The way I think of it is this: Expensive cities typically make companies better able to find and attract talented workers in a close proximity, which is good for business, and they'll have an incentive to pay extra for that. But a city is expensive because lots of people want to live there relative to the space available, and living in an expensive city is somewhat like buying an expensive car. To that extent companies would not pay for the increased cost -- being able to live in that city is part of what you're getting for working at that company.

My only "evidence" that the cost is only partially covered is only from my own job searching in various cities as a software engineer though. I don't know what a wider reading of available data would indicate. But I suspect that cost-of-living is covered less than a simple reading of average salary/cost-of-living data, because part of that correlation will be that the average worker in a high-cost city is better than the average worker elsewhere. Also, if you account for periods of unemployment, being in a higher-cost city would hit harder during those times, which wouldn't show up in salary/cost-of-living data.

One interesting thing is that, in my company, you do get a pay bump for cost-of-living increases if you are hired in, or are moved to, a more expensive location, but if you then move to a cheaper location within the same company, there is not an automatic cost-of-living salary decrease. I wonder if that could be a common practice in many large companies due to sticky wages.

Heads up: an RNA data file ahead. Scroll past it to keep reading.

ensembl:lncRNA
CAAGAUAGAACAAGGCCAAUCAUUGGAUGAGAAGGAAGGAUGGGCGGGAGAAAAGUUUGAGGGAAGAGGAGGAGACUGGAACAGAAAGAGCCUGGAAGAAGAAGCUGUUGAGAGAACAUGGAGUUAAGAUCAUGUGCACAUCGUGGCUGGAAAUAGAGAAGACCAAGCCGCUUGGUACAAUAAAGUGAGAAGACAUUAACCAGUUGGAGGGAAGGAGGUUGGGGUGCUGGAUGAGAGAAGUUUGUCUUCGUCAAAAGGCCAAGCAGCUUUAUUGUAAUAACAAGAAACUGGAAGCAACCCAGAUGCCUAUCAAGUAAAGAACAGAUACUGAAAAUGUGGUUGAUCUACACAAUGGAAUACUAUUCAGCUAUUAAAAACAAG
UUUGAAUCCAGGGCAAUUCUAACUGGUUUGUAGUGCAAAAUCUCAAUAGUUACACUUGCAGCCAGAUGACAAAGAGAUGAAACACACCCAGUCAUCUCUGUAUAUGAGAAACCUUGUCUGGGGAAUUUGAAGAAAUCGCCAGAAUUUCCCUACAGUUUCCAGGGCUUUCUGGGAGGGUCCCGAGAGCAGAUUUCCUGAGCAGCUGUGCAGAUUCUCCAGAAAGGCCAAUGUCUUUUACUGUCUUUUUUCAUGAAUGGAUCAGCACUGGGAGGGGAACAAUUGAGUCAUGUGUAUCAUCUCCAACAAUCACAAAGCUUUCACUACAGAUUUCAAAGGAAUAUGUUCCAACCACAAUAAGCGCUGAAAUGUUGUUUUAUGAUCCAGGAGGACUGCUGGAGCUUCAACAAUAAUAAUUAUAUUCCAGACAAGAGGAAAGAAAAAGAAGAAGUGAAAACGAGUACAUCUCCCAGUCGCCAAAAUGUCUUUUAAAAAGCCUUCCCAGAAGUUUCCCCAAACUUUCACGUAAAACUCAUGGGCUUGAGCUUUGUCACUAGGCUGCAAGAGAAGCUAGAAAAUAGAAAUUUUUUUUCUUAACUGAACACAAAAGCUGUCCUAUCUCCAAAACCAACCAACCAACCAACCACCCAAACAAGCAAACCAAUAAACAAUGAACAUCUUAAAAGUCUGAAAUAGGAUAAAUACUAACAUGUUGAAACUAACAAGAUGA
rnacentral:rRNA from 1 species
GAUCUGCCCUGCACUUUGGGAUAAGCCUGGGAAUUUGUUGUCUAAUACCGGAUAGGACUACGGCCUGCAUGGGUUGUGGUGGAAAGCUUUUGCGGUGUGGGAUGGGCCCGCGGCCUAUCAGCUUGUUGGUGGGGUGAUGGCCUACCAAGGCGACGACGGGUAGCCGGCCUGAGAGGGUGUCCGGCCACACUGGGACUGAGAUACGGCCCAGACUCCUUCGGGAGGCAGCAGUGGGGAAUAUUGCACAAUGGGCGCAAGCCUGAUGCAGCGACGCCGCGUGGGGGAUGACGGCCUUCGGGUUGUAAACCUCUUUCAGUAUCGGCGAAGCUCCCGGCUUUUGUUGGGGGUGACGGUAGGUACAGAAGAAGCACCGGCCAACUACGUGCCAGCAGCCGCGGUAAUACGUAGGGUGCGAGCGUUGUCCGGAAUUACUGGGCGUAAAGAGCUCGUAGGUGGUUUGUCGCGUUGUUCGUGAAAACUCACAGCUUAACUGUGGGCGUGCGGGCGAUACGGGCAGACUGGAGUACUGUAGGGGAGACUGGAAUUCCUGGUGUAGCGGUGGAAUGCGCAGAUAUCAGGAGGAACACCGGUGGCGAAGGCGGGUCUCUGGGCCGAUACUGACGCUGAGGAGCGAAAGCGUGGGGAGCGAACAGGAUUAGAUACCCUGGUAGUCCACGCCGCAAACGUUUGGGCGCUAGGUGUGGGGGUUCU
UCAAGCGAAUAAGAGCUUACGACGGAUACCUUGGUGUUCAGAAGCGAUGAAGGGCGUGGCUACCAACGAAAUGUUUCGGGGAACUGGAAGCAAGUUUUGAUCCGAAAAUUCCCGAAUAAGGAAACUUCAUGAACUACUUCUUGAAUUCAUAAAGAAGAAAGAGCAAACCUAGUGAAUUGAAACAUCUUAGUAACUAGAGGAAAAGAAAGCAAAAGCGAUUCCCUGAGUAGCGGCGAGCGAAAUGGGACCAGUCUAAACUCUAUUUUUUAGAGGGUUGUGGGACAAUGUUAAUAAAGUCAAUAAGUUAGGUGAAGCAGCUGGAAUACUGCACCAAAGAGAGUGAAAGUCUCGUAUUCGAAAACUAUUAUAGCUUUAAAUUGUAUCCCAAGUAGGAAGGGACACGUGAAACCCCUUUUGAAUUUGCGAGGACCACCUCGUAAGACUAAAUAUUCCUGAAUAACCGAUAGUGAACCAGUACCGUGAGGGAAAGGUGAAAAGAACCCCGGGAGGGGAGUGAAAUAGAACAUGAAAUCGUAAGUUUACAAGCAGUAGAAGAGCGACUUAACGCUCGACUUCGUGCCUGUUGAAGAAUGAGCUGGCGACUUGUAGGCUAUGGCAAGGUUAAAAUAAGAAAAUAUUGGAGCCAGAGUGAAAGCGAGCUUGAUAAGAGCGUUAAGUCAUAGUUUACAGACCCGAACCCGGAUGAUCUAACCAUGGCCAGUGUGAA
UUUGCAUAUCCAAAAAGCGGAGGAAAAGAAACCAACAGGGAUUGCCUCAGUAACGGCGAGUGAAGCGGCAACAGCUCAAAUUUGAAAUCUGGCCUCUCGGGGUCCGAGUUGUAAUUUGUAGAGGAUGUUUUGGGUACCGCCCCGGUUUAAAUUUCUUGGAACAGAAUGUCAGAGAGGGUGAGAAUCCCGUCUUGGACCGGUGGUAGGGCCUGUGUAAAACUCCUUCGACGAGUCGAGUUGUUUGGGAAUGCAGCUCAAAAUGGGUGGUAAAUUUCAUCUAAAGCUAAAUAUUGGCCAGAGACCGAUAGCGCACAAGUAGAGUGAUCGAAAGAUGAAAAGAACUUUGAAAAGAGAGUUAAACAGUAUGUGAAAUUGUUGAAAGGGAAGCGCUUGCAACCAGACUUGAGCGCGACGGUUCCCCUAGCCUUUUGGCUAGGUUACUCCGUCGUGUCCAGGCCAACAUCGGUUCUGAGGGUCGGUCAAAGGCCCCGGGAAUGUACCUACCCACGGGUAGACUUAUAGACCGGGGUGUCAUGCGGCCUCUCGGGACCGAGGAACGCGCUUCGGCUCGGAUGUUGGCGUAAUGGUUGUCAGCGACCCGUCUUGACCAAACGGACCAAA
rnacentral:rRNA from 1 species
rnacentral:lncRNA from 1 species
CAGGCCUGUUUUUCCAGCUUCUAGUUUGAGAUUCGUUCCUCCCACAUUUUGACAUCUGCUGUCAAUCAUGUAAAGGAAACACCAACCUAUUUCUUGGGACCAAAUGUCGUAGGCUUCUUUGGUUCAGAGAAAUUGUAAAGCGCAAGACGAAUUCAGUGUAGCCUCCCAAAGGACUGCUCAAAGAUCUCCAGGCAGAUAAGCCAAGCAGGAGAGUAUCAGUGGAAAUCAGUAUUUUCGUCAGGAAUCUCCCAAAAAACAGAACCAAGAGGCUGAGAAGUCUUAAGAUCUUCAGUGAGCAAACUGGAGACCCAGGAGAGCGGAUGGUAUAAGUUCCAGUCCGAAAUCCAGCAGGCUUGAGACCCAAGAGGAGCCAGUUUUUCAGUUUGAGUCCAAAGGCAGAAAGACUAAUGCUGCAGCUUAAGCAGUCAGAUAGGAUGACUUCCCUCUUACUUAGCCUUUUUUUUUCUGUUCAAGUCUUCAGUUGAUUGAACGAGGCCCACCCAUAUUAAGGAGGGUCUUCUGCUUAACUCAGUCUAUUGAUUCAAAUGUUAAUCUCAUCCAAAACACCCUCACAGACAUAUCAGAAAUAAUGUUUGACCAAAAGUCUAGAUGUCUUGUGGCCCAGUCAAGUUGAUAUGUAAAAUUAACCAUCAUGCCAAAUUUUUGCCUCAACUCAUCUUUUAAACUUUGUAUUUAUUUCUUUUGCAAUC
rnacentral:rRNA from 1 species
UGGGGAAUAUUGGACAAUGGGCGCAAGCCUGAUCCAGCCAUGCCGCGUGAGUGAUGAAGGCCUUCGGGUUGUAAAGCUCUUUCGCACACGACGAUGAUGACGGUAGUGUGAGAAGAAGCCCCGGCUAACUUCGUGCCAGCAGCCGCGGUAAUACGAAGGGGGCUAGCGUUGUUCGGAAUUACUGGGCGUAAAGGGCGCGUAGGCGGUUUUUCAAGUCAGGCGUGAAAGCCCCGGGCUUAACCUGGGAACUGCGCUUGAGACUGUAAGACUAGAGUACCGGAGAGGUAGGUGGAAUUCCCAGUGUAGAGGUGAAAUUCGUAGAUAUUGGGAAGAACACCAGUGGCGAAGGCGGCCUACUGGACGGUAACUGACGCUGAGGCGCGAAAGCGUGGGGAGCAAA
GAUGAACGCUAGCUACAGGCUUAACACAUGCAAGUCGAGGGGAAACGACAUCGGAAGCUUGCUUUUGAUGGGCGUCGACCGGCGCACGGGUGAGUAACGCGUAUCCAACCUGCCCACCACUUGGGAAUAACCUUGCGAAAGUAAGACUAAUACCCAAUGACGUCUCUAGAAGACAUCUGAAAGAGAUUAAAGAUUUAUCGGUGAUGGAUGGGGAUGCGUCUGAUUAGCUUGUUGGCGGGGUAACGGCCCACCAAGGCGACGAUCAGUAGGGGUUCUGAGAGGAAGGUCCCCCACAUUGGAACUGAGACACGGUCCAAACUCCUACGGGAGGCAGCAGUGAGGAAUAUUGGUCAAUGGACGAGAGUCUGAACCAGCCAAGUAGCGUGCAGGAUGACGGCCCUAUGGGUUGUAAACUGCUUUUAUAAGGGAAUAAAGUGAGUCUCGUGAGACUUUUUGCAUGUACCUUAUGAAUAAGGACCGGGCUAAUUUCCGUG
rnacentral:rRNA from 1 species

Moving to a higher-income city (or country, obviously) to facilitate earning to give is something that people should think about, I agree. Whether or not you come out as having more disposable income is partly dependent on what you want your living standard to be. For instance, if you want to live centrally in a big house, than the increased income may not fully compensate for the higher housing costs, but if you are willing to rent a room or have a lengthy commute into the 'burbs, than it is more likely to be worth it.

Another thing to consider regarding moving to earn more is remoteness and quality of life. Jobs in natural resources, for instance, can be very well-paying to compensate for the remoteness, but the trade-off is that they are far away from civilization and have poor quality of life (ie. few amenities or women). For instance, the mining industry in Australia or America's fracking meca of North Dakota. Even in heavy industry, there are lots of white collar jobs, eg. Engineer, accountant, human resources.